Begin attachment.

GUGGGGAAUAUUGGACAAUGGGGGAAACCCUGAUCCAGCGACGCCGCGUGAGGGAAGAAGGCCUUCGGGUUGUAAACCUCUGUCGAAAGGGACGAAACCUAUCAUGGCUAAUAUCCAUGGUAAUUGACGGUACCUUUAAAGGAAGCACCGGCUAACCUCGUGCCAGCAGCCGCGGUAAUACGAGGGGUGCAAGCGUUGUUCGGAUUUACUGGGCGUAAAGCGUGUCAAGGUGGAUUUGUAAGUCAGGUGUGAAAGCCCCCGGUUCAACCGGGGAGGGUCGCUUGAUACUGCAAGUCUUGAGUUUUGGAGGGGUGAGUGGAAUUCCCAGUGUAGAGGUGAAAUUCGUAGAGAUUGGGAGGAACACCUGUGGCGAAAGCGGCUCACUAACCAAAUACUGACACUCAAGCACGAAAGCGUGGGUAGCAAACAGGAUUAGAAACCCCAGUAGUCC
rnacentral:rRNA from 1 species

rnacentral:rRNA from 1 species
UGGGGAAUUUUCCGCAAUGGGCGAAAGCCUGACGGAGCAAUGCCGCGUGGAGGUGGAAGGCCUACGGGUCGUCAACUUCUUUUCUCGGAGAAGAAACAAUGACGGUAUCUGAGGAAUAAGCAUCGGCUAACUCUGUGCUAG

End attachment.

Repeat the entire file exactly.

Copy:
GUGGGGAAUAUUGGACAAUGGGGGAAACCCUGAUCCAGCGACGCCGCGUGAGGGAAGAAGGCCUUCGGGUUGUAAACCUCUGUCGAAAGGGACGAAACCUAUCAUGGCUAAUAUCCAUGGUAAUUGACGGUACCUUUAAAGGAAGCACCGGCUAACCUCGUGCCAGCAGCCGCGGUAAUACGAGGGGUGCAAGCGUUGUUCGGAUUUACUGGGCGUAAAGCGUGUCAAGGUGGAUUUGUAAGUCAGGUGUGAAAGCCCCCGGUUCAACCGGGGAGGGUCGCUUGAUACUGCAAGUCUUGAGUUUUGGAGGGGUGAGUGGAAUUCCCAGUGUAGAGGUGAAAUUCGUAGAGAUUGGGAGGAACACCUGUGGCGAAAGCGGCUCACUAACCAAAUACUGACACUCAAGCACGAAAGCGUGGGUAGCAAACAGGAUUAGAAACCCCAGUAGUCC
rnacentral:rRNA from 1 species

rnacentral:rRNA from 1 species
UGGGGAAUUUUCCGCAAUGGGCGAAAGCCUGACGGAGCAAUGCCGCGUGGAGGUGGAAGGCCUACGGGUCGUCAACUUCUUUUCUCGGAGAAGAAACAAUGACGGUAUCUGAGGAAUAAGCAUCGGCUAACUCUGUGCUAG